The failure of Nigeria’s president to appoint a cabinet four months after winning a second term has hindered the country’s stock market, prompted foreign investors to trim holdings and threatened growth prospects for Africa’s largest economy.
Inaugurated on May 29, Muhammadu Buhari, Nigeria’s 76-year-old former military head of state, faces a long list of challenges including tepid economic growth, high unemployment rate and a decade-old Islamist insurgency.
Government activities, which almost ground to a halt ahead of February’s election, slowed further after his victory, leaving foreign investors trying to gauge how much of a hit the stock market will take from the pause.
“It is massive,” said Andrew Brudenell, lead senior portfolio manager for frontier markets equities at Ashmore Group. “Even when oil prices were back up at $70 heading to $80 again, the stock market did not do anything. They (stocks) just continue to trickle down as people give up on their investments.”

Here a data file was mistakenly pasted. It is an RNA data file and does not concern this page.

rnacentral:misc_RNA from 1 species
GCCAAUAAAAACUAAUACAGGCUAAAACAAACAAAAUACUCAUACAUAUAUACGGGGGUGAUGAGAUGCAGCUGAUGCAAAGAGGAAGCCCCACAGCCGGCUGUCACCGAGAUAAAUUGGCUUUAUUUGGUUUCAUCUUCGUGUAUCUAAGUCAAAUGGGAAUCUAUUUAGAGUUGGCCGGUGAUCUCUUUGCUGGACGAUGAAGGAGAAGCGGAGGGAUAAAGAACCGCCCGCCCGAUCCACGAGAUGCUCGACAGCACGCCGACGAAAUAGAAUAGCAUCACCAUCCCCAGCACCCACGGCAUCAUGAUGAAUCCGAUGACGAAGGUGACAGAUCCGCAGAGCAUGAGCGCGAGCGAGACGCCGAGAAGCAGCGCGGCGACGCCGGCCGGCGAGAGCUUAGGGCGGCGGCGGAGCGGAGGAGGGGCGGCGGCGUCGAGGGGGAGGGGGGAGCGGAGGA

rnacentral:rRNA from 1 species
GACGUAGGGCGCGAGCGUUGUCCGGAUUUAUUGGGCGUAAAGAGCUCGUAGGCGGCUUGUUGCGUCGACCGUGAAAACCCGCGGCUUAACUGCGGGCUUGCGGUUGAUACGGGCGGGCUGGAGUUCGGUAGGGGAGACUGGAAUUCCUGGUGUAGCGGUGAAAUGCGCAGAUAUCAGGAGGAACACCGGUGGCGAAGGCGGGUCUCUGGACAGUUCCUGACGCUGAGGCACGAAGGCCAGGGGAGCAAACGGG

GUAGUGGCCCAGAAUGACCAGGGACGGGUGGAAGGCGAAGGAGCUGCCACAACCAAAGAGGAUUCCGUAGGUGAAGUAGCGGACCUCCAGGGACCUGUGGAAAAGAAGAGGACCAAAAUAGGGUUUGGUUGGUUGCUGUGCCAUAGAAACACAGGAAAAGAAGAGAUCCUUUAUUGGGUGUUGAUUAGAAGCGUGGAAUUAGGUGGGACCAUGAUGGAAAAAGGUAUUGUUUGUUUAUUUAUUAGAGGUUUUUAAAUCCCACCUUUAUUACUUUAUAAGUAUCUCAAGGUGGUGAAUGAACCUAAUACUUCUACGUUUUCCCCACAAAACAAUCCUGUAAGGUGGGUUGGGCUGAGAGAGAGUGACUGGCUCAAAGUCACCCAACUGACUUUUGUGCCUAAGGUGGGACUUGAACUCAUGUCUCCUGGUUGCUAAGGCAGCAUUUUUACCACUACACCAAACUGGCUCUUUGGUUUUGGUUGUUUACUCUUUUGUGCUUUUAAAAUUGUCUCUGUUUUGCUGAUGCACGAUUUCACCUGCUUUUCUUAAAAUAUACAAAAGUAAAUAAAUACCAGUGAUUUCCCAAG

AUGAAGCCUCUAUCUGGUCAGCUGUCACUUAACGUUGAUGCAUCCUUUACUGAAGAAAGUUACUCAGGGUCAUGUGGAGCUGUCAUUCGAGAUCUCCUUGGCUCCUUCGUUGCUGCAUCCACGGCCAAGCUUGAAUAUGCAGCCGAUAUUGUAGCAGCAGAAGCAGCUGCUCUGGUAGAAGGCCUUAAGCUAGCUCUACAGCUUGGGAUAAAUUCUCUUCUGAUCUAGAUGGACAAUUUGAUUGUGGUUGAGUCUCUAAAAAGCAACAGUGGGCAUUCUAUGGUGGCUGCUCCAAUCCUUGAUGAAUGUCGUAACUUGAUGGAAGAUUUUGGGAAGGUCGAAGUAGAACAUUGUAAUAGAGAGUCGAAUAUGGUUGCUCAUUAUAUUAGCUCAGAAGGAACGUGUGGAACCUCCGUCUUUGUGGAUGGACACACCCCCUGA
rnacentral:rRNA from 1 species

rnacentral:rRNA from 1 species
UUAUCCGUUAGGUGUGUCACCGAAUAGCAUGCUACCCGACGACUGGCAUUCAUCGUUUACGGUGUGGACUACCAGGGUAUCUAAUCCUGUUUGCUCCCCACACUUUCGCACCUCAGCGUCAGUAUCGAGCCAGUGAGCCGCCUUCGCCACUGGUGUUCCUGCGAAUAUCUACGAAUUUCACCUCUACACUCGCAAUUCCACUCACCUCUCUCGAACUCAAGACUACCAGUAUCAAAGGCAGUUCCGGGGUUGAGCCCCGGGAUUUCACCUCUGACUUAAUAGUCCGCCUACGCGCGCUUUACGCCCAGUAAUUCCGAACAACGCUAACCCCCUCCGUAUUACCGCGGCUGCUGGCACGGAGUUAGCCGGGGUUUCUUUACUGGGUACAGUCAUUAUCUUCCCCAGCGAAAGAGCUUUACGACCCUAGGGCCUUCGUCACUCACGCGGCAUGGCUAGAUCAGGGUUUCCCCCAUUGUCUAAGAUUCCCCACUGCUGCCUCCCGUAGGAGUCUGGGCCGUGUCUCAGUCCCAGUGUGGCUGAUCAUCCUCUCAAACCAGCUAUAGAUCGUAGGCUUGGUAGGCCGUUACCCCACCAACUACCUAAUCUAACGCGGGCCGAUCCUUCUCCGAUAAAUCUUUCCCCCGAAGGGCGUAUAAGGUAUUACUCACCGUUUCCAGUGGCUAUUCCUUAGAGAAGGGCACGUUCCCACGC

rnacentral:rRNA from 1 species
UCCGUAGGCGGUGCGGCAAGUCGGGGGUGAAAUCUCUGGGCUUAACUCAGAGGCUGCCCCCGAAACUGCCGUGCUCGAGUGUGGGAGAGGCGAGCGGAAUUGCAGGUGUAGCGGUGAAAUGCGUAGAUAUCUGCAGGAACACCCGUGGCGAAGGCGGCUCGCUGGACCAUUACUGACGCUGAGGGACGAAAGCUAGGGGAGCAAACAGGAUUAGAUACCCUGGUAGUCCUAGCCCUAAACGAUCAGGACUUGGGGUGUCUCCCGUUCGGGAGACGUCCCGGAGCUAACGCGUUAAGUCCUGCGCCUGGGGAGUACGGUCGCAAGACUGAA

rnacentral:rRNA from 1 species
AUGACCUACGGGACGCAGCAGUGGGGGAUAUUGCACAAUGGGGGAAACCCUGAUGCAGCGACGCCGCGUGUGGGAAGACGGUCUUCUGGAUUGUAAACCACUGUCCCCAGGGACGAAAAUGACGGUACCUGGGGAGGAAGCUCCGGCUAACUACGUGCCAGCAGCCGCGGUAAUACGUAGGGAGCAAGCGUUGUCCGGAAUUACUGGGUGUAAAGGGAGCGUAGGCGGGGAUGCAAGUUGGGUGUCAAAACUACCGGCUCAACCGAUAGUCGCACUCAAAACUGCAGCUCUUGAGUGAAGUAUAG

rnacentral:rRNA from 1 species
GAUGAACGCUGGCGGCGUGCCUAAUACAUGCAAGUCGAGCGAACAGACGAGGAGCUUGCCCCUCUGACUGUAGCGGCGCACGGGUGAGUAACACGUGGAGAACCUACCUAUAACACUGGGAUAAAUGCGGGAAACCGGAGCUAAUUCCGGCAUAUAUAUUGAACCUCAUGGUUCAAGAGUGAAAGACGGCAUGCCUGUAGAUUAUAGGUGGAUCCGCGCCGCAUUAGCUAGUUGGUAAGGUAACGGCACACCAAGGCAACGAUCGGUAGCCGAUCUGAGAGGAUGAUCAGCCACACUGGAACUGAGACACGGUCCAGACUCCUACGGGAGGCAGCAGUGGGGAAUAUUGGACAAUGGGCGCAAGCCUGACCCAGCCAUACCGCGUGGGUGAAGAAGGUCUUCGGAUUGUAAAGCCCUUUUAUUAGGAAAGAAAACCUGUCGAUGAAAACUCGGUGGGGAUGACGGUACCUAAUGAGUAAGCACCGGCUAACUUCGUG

The stock market in Nigeria, Africa’s top oil producer, has failed to keep up with frontier markets peers, a subset of smaller and often riskier emerging economies. The MSCI Nigeria index has dropped more than 15% since the start of the year, making it one of the worst performing markets in the index, even as the wider MSCI Frontier Market index rallied nearly 10%.
Nigerian politics often move at a glacial pace. Buhari took six months to swear in a cabinet after the 2015 election – a delay critics contend contributed to the slow response to low oil prices that pushed Nigeria into a recession in 2016.
But some investors said they had hoped that as the incumbent, he would move more quickly. Senegal’s Macky Sall and South Africa’s Cyril Ramaphosa both appointed ministers within days of being sworn in as president this year.
Source: TVC News
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